Gender Divisions in Brexit Literature An Intersectional Analysis of Gender, Power, Class, and Ethnicity in Brexit Literature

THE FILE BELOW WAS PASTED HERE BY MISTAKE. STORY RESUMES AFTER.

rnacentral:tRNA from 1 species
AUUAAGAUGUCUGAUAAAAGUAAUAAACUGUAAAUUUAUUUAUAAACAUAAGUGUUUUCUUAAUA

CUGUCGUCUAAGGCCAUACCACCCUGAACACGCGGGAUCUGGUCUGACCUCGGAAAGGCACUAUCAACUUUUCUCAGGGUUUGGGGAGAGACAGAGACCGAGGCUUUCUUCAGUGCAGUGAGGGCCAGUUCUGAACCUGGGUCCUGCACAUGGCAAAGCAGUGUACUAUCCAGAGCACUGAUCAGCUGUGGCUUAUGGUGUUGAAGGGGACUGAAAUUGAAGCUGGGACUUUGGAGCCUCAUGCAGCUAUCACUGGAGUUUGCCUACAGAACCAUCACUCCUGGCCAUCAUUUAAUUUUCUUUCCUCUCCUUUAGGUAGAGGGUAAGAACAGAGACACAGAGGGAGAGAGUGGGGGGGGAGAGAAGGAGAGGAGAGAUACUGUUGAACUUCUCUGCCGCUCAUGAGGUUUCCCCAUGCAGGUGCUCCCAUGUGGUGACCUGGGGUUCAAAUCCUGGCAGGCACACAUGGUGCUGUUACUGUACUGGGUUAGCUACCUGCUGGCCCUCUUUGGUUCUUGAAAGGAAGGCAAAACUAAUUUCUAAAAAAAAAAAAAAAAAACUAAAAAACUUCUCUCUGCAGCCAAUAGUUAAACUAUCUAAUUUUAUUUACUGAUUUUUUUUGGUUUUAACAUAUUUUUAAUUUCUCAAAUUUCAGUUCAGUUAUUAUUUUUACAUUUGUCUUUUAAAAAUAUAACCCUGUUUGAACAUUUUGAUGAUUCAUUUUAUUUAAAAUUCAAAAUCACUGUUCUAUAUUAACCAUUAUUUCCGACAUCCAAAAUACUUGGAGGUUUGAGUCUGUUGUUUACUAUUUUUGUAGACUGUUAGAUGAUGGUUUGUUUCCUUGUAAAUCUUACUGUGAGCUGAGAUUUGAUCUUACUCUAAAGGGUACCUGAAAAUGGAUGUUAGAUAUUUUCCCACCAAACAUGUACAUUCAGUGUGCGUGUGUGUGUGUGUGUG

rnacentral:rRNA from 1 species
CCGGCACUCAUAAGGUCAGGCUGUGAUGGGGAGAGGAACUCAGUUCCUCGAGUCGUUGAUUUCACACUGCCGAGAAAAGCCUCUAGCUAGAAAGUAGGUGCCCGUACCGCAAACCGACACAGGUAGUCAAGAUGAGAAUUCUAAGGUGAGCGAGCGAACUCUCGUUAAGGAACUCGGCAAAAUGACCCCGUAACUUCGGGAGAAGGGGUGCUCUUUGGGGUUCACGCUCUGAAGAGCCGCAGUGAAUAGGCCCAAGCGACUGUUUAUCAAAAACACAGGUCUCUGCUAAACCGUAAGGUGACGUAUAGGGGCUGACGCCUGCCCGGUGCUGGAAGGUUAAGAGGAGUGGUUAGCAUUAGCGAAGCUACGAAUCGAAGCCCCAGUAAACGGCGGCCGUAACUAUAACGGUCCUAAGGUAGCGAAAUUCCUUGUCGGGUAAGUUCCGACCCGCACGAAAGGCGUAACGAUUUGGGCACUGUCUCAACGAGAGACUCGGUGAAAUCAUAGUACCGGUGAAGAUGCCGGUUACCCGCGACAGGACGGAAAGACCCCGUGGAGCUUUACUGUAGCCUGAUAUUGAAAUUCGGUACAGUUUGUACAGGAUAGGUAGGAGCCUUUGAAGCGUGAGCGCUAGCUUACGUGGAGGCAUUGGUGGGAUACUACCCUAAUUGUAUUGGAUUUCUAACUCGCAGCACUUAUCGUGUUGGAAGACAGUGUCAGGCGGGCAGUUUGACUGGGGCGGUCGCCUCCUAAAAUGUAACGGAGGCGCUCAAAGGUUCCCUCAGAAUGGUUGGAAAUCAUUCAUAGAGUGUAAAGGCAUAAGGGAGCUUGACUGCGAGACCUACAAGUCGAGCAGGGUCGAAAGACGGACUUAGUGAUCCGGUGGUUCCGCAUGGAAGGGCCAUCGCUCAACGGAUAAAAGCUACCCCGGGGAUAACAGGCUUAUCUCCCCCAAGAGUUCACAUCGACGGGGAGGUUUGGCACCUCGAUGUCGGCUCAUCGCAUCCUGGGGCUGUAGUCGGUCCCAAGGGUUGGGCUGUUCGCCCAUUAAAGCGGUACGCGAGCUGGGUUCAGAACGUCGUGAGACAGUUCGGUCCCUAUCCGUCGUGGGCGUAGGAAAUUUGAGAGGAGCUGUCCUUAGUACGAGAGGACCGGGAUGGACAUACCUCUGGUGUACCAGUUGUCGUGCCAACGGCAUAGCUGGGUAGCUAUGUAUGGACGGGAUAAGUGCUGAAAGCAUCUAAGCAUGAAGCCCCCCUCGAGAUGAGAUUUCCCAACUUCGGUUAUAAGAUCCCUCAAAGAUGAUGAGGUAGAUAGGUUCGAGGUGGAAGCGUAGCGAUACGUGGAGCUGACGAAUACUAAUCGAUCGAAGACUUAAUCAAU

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This thesis addresses the representation of Brexit in contemporary literature called “Brexlit” to provide an analysis of how gendered constructs underlie issues of power, class, and ethnicity in contemporary popular Brexit literature. Two novels categorised as Brexlit will be analysed: Sam Byers’ Perfidious Albion (2018) and Jonathan Coe’s Middle England (2018). Gendered norms and divisions inherent to power, class, and ethnicity are found in both novels. Both novels engage with issues of polarisation and representation in positions of power in Britain. The people in power in both novels are mostly men and the power these men exude, predominantly in their language, is exclusively of masculine nature. Women and gender minorities (e.g. non-binary, transgender or intersex folks) are underrepresented in positions of power because power is gendered: power is only appreciated as a traditionally masculine quality. Representation regarding class in both novels is problematic as well, as all politicians and men in privileged positions are middle-class or upper-class. These middle-class and upper-class men feel indifferent towards working-class people, who in their turn feel left out and find a scapegoat in peoples of ethnic minorities. Peoples of ethnic minorities are underrepresented in the media and the government. This thesis aims to give a broader view of issues that are presented in contemporary Brexit literature by providing an analysis of the gendered divisions of power, class, and ethnicity. Its findings might help to create an environment where the issue of gender representation in government can be questioned and discussed further. Correct representation of gender in government is imperative for a democracy to be able to work properly, as everyone should be able to be and to feel represented by the government. Not having this representation directly undermines the basis of democracy, as one of its most basic values is equality. Keywords: Gender, Hegemonic Masculinity, Brexit Literature, Brexit, Power, Populism, Class, Ethnicity, Race, Divisions, Polarisation, Representation, Equality
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